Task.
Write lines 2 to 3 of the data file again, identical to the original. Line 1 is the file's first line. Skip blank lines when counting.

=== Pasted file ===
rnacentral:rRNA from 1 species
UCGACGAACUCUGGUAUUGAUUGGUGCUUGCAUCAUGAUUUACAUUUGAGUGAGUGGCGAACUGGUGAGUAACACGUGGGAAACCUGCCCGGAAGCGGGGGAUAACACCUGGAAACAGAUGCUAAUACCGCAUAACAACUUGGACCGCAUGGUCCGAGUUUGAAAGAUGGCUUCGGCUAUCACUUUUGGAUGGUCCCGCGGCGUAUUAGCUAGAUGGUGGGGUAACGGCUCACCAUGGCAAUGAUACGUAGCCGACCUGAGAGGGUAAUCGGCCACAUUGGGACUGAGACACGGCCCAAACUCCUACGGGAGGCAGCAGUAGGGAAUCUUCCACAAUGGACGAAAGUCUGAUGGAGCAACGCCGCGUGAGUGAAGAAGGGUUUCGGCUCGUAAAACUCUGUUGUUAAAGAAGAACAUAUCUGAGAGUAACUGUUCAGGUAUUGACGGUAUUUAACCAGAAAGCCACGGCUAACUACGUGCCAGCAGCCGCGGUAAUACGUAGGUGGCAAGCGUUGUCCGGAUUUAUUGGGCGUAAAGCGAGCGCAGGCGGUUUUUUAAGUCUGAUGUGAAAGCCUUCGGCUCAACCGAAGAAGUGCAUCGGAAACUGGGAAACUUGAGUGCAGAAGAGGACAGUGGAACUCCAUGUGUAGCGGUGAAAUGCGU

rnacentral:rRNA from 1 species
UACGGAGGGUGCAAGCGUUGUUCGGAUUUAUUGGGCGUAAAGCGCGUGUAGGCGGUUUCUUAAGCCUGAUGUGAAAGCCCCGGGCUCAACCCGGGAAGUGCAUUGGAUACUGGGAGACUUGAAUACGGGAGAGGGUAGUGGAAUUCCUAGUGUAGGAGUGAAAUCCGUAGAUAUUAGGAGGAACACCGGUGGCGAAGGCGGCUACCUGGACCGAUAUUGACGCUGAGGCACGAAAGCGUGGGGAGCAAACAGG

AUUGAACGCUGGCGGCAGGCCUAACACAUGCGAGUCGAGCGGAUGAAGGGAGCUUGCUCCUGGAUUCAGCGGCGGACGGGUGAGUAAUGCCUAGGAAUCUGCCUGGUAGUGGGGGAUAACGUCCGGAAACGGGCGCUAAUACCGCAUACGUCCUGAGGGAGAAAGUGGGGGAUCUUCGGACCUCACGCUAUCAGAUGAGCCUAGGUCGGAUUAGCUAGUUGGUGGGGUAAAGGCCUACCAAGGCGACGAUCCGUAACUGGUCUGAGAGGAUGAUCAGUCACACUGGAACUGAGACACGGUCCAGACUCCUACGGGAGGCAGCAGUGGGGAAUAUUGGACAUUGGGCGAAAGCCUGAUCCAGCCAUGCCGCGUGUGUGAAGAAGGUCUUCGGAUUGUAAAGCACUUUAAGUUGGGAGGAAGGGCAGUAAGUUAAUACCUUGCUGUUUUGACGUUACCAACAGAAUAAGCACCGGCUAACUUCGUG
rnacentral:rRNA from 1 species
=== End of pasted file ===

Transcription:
UCGACGAACUCUGGUAUUGAUUGGUGCUUGCAUCAUGAUUUACAUUUGAGUGAGUGGCGAACUGGUGAGUAACACGUGGGAAACCUGCCCGGAAGCGGGGGAUAACACCUGGAAACAGAUGCUAAUACCGCAUAACAACUUGGACCGCAUGGUCCGAGUUUGAAAGAUGGCUUCGGCUAUCACUUUUGGAUGGUCCCGCGGCGUAUUAGCUAGAUGGUGGGGUAACGGCUCACCAUGGCAAUGAUACGUAGCCGACCUGAGAGGGUAAUCGGCCACAUUGGGACUGAGACACGGCCCAAACUCCUACGGGAGGCAGCAGUAGGGAAUCUUCCACAAUGGACGAAAGUCUGAUGGAGCAACGCCGCGUGAGUGAAGAAGGGUUUCGGCUCGUAAAACUCUGUUGUUAAAGAAGAACAUAUCUGAGAGUAACUGUUCAGGUAUUGACGGUAUUUAACCAGAAAGCCACGGCUAACUACGUGCCAGCAGCCGCGGUAAUACGUAGGUGGCAAGCGUUGUCCGGAUUUAUUGGGCGUAAAGCGAGCGCAGGCGGUUUUUUAAGUCUGAUGUGAAAGCCUUCGGCUCAACCGAAGAAGUGCAUCGGAAACUGGGAAACUUGAGUGCAGAAGAGGACAGUGGAACUCCAUGUGUAGCGGUGAAAUGCGU

rnacentral:rRNA from 1 species